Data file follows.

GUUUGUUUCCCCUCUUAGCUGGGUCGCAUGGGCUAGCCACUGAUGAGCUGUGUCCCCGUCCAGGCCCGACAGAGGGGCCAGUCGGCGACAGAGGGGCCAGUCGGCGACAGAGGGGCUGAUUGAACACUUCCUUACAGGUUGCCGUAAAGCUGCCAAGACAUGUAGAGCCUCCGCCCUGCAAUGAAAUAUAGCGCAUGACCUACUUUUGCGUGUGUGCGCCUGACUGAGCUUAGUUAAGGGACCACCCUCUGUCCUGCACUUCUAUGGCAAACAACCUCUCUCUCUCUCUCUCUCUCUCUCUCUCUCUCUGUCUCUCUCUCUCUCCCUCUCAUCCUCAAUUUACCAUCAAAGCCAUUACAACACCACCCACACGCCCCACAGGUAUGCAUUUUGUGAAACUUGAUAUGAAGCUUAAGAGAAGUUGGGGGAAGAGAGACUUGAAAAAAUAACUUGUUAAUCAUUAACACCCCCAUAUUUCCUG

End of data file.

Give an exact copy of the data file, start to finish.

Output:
GUUUGUUUCCCCUCUUAGCUGGGUCGCAUGGGCUAGCCACUGAUGAGCUGUGUCCCCGUCCAGGCCCGACAGAGGGGCCAGUCGGCGACAGAGGGGCCAGUCGGCGACAGAGGGGCUGAUUGAACACUUCCUUACAGGUUGCCGUAAAGCUGCCAAGACAUGUAGAGCCUCCGCCCUGCAAUGAAAUAUAGCGCAUGACCUACUUUUGCGUGUGUGCGCCUGACUGAGCUUAGUUAAGGGACCACCCUCUGUCCUGCACUUCUAUGGCAAACAACCUCUCUCUCUCUCUCUCUCUCUCUCUCUCUCUCUGUCUCUCUCUCUCUCCCUCUCAUCCUCAAUUUACCAUCAAAGCCAUUACAACACCACCCACACGCCCCACAGGUAUGCAUUUUGUGAAACUUGAUAUGAAGCUUAAGAGAAGUUGGGGGAAGAGAGACUUGAAAAAAUAACUUGUUAAUCAUUAACACCCCCAUAUUUCCUG